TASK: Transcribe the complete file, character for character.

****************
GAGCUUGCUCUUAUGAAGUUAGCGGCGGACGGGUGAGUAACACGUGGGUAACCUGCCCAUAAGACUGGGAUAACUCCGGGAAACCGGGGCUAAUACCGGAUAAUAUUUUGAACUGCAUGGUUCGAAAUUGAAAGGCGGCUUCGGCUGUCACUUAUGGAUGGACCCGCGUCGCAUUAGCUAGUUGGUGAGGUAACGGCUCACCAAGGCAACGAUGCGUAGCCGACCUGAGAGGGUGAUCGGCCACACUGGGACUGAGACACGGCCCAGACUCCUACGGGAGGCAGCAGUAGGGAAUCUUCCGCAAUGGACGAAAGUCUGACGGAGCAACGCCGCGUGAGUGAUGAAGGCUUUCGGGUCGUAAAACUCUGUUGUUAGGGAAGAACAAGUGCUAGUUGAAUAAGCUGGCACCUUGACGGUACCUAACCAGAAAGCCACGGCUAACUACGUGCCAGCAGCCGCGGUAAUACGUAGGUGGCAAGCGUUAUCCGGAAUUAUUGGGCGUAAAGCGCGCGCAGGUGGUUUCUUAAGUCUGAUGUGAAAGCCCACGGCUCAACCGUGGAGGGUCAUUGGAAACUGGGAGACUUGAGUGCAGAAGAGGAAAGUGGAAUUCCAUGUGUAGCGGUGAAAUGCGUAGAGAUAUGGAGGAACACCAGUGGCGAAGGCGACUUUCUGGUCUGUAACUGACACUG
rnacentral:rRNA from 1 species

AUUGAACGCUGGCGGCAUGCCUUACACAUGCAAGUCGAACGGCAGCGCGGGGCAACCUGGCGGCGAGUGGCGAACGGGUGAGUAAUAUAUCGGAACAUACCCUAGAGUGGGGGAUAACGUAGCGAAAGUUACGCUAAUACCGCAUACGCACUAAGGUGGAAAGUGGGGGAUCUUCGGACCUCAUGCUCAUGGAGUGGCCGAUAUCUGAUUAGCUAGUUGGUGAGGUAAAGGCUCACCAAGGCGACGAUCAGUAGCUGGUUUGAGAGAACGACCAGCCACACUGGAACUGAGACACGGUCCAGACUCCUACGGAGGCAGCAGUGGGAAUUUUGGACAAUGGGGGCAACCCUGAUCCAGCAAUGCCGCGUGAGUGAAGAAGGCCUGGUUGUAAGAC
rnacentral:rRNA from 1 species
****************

GAGCUUGCUCUUAUGAAGUUAGCGGCGGACGGGUGAGUAACACGUGGGUAACCUGCCCAUAAGACUGGGAUAACUCCGGGAAACCGGGGCUAAUACCGGAUAAUAUUUUGAACUGCAUGGUUCGAAAUUGAAAGGCGGCUUCGGCUGUCACUUAUGGAUGGACCCGCGUCGCAUUAGCUAGUUGGUGAGGUAACGGCUCACCAAGGCAACGAUGCGUAGCCGACCUGAGAGGGUGAUCGGCCACACUGGGACUGAGACACGGCCCAGACUCCUACGGGAGGCAGCAGUAGGGAAUCUUCCGCAAUGGACGAAAGUCUGACGGAGCAACGCCGCGUGAGUGAUGAAGGCUUUCGGGUCGUAAAACUCUGUUGUUAGGGAAGAACAAGUGCUAGUUGAAUAAGCUGGCACCUUGACGGUACCUAACCAGAAAGCCACGGCUAACUACGUGCCAGCAGCCGCGGUAAUACGUAGGUGGCAAGCGUUAUCCGGAAUUAUUGGGCGUAAAGCGCGCGCAGGUGGUUUCUUAAGUCUGAUGUGAAAGCCCACGGCUCAACCGUGGAGGGUCAUUGGAAACUGGGAGACUUGAGUGCAGAAGAGGAAAGUGGAAUUCCAUGUGUAGCGGUGAAAUGCGUAGAGAUAUGGAGGAACACCAGUGGCGAAGGCGACUUUCUGGUCUGUAACUGACACUG
rnacentral:rRNA from 1 species

AUUGAACGCUGGCGGCAUGCCUUACACAUGCAAGUCGAACGGCAGCGCGGGGCAACCUGGCGGCGAGUGGCGAACGGGUGAGUAAUAUAUCGGAACAUACCCUAGAGUGGGGGAUAACGUAGCGAAAGUUACGCUAAUACCGCAUACGCACUAAGGUGGAAAGUGGGGGAUCUUCGGACCUCAUGCUCAUGGAGUGGCCGAUAUCUGAUUAGCUAGUUGGUGAGGUAAAGGCUCACCAAGGCGACGAUCAGUAGCUGGUUUGAGAGAACGACCAGCCACACUGGAACUGAGACACGGUCCAGACUCCUACGGAGGCAGCAGUGGGAAUUUUGGACAAUGGGGGCAACCCUGAUCCAGCAAUGCCGCGUGAGUGAAGAAGGCCUGGUUGUAAGAC
rnacentral:rRNA from 1 species